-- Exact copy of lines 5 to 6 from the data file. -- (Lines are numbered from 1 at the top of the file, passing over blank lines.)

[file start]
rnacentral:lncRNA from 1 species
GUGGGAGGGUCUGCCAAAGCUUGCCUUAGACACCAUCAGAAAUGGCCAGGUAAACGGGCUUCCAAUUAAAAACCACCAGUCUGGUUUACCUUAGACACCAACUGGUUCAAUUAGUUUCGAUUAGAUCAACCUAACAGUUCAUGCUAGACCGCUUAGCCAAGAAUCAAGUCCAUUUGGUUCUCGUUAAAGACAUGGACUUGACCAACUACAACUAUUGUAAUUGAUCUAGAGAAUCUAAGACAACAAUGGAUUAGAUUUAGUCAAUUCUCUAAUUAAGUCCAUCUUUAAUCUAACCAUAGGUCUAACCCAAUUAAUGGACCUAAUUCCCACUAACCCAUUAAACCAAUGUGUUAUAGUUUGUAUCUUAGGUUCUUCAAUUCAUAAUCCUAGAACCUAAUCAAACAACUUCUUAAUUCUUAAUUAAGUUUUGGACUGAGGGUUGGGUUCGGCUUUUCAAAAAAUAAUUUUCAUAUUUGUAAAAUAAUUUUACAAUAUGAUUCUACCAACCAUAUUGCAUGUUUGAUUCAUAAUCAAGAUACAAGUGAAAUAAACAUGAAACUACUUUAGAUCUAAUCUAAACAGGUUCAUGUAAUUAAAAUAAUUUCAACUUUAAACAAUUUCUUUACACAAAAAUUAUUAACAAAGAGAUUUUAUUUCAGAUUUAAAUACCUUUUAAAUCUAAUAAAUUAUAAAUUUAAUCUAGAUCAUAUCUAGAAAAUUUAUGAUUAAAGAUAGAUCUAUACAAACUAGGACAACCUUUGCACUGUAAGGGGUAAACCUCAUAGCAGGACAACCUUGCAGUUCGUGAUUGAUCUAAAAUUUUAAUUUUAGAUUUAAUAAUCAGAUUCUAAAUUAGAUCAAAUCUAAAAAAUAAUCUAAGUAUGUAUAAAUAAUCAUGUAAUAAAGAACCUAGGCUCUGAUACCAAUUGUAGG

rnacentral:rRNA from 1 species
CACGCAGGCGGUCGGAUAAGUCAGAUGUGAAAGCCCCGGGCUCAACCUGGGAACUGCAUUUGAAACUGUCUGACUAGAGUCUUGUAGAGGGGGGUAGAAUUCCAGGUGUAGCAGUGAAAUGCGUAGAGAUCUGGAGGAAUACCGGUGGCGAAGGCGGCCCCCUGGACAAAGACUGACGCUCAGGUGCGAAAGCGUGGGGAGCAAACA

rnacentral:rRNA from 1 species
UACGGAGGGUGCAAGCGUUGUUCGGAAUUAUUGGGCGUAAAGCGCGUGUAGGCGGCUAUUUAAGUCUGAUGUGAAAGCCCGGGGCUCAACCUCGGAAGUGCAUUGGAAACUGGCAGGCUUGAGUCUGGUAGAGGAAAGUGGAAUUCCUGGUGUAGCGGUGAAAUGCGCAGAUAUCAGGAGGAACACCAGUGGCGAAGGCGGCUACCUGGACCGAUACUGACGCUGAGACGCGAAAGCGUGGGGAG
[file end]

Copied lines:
rnacentral:rRNA from 1 species
UACGGAGGGUGCAAGCGUUGUUCGGAAUUAUUGGGCGUAAAGCGCGUGUAGGCGGCUAUUUAAGUCUGAUGUGAAAGCCCGGGGCUCAACCUCGGAAGUGCAUUGGAAACUGGCAGGCUUGAGUCUGGUAGAGGAAAGUGGAAUUCCUGGUGUAGCGGUGAAAUGCGCAGAUAUCAGGAGGAACACCAGUGGCGAAGGCGGCUACCUGGACCGAUACUGACGCUGAGACGCGAAAGCGUGGGGAG